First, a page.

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Feb. 15 (Bloomberg) -- The New Zealand dollar touched a five-month high against the yen after the nation’s retail sales rose more than economists estimated in the fourth quarter.
Demand for the so-called kiwi was also supported as Asian stocks rebounded before U.S. data this week projected to show growth in industrial production and producer prices. Australia’s dollar halted losses from yesterday after a private survey showed the country’s consumer confidence rose by the most in three months as two interest-rate reductions late last year improved the financial outlook for households.
“Retail numbers are undoubtedly kiwi supportive,” said Mike Jones, a foreign-exchange strategist at Bank of New Zealand in Wellington. “There are signs of life in New Zealand domestic demand and we’ll see markets beginning to bring forward the timing of Reserve Bank of New Zealand interest-rate hikes.”
New Zealand’s dollar was at 65.34 yen at 11:47 a.m. in Sydney from 65.40 in New York yesterday, after touching 65.55, the most since Sept. 2. The kiwi was unchanged at 83.37 U.S. cents. Australia’s dollar traded at $1.0686 from $1.0691. The so-called Aussie was little changed at 83.83 yen.
The MSCI Asia Pacific Index of stocks added 0.5 percent.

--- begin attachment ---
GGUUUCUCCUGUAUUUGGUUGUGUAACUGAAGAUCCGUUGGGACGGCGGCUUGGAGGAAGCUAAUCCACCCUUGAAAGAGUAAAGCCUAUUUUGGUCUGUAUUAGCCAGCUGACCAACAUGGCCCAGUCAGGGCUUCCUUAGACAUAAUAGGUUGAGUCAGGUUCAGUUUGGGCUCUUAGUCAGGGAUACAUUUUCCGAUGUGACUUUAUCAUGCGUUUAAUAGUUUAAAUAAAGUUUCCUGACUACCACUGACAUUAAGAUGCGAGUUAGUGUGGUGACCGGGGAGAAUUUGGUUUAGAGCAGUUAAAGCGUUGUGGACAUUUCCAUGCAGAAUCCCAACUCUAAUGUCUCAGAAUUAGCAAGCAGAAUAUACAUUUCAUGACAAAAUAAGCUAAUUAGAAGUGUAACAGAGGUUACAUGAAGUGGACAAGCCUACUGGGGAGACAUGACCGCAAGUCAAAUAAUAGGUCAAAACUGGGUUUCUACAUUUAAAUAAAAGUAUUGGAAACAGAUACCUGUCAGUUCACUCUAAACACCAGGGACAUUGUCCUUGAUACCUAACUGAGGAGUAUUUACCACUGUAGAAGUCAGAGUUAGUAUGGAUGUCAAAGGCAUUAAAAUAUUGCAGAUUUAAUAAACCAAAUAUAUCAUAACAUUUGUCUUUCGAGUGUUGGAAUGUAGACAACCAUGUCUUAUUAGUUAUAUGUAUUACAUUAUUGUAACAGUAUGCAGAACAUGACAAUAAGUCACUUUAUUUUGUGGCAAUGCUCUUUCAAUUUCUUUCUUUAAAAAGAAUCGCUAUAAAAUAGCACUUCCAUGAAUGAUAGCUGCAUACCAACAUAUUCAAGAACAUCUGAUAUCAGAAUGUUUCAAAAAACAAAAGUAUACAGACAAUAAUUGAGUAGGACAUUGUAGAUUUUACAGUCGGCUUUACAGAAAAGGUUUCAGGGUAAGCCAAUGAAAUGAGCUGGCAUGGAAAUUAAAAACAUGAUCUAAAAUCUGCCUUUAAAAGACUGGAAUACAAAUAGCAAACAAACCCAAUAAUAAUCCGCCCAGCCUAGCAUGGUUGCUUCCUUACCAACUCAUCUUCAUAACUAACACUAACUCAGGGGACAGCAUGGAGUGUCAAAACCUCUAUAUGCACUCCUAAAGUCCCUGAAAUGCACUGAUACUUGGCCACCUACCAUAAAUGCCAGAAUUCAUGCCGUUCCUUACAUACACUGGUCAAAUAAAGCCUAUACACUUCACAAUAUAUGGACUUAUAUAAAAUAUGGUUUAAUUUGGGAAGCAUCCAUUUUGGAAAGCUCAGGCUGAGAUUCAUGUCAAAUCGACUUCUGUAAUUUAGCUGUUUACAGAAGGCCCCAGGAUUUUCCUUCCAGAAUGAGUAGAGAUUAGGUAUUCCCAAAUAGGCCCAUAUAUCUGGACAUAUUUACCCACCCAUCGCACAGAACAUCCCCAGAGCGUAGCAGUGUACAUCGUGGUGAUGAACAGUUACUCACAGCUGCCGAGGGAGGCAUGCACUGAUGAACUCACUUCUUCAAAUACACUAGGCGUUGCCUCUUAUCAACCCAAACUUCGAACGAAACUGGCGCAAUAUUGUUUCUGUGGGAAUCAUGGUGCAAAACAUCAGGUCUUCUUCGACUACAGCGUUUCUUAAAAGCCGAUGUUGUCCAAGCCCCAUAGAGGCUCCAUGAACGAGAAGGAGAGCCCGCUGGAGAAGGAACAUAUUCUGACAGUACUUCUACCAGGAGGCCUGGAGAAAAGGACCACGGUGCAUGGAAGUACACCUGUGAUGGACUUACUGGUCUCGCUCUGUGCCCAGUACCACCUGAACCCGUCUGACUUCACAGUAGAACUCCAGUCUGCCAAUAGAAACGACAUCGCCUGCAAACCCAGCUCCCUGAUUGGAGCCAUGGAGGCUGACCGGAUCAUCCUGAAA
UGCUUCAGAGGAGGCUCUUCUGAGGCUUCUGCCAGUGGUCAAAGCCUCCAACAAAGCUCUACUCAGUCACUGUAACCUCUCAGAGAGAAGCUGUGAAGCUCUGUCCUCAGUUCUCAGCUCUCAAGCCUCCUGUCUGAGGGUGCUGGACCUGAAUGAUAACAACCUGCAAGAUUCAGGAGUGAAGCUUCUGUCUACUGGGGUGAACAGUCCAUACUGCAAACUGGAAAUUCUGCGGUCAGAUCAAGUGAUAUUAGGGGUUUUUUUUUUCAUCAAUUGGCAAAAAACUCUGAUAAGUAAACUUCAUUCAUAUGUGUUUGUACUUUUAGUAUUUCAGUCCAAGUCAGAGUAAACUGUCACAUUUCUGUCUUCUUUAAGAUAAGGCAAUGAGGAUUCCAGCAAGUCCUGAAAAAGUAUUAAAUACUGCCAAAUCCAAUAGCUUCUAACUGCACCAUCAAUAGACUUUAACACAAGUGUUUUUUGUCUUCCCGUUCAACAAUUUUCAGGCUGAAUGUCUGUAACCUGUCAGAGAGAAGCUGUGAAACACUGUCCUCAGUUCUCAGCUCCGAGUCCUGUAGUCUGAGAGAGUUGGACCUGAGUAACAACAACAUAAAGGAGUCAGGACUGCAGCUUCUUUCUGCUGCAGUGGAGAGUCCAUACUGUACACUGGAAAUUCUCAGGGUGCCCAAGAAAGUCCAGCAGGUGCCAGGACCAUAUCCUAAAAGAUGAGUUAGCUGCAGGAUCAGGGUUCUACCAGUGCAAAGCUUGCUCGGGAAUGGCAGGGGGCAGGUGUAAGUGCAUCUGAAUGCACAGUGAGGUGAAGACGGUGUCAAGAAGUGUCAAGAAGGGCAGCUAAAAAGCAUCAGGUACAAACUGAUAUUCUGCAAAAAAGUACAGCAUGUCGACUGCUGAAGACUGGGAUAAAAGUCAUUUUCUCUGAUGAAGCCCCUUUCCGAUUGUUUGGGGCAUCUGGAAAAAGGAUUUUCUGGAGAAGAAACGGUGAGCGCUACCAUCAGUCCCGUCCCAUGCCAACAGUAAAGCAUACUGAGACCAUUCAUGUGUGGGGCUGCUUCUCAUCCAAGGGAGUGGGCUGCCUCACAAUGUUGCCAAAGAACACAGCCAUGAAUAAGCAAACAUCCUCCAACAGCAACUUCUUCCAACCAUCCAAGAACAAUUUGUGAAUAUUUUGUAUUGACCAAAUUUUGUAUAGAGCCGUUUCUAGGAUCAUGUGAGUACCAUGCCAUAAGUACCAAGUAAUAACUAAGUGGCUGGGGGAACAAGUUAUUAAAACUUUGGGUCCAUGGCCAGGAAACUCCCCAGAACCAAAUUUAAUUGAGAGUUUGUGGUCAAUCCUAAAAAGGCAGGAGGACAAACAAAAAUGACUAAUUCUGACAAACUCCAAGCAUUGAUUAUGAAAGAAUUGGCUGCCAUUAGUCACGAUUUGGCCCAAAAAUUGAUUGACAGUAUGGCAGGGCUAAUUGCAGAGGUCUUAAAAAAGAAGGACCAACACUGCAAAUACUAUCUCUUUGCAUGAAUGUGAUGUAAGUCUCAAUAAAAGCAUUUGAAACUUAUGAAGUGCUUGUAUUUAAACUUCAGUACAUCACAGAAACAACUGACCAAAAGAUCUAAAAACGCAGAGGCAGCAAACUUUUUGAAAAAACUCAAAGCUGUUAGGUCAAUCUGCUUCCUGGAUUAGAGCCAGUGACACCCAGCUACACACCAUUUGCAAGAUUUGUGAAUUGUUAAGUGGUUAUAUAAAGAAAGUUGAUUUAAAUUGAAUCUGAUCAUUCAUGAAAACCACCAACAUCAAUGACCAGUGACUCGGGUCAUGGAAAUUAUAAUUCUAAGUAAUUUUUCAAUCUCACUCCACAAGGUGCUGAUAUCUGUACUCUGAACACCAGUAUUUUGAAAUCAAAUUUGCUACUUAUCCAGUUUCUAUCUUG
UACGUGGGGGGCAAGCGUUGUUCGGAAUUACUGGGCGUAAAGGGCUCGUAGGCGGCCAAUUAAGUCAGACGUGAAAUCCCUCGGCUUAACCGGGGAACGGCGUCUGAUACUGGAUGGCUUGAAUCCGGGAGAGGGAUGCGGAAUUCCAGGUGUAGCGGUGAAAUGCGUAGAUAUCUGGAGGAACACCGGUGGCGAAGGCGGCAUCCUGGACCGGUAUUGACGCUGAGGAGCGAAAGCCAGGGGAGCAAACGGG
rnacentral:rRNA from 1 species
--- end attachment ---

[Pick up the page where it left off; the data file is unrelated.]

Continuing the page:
U.S. industrial production probably rose 0.7 percent in January, according to a Bloomberg News poll of economists taken before the Federal Reserve releases the data today. A Labor Department report tomorrow may show the producer-price index gained 0.4 percent in January from the previous month, when it fell 0.1 percent, according to a separate Bloomberg survey.
Reserve Bank Policy
New Zealand’s retail sales adjusted for inflation rose 2.2 percent in the three months through December from the third quarter, when they gained a revised 2.4 percent, Statistics New Zealand said in Wellington today. Sales were forecast to climb 1.2 percent, according to the median estimate of economists surveyed by Bloomberg.
Traders are betting New Zealand’s central bank will raise rates by 10 basis points, or 0.10 percentage point, over the next 12 months, according to a Credit Suisse Group AG index based on swaps. On Feb. 6, bets went from a cut to an increase.
New Zealand’s two-year swap rate, a fixed payment made to receive floating rates, rose four basis points to 2.91 percent.
RBNZ Governor Alan Bollard has kept the official cash rate at a record-low 2.5 percent since March to revive confidence after earthquakes in Christchurch and as risks of weaker global demand increased.
In Australia, the sentiment index for February advanced 4.2 percent to 101.1, the highest level since November, the Westpac Banking Corp. and Melbourne Institute survey taken Feb. 6-10 of 1,200 consumers showed today in Sydney.
Australia’s government bonds fell, pushing the yield on the 10-year security up one basis point to 4.01 percent.
Demand for the South Pacific nations’ currencies was limited after European Finance ministers canceled a Brussels meeting slated for today. The officials will hold a teleconference instead to prod Greece to deliver budget cuts in exchange for an aid package.
“Frustration over the delays in the Greek negotiations is certainly capping risk appetite at the moment,” said Bank of New Zealand’s Jones. “Until we see a clearer signs in Greece, we think the risk currencies are going to struggle to post through substantial gains.”
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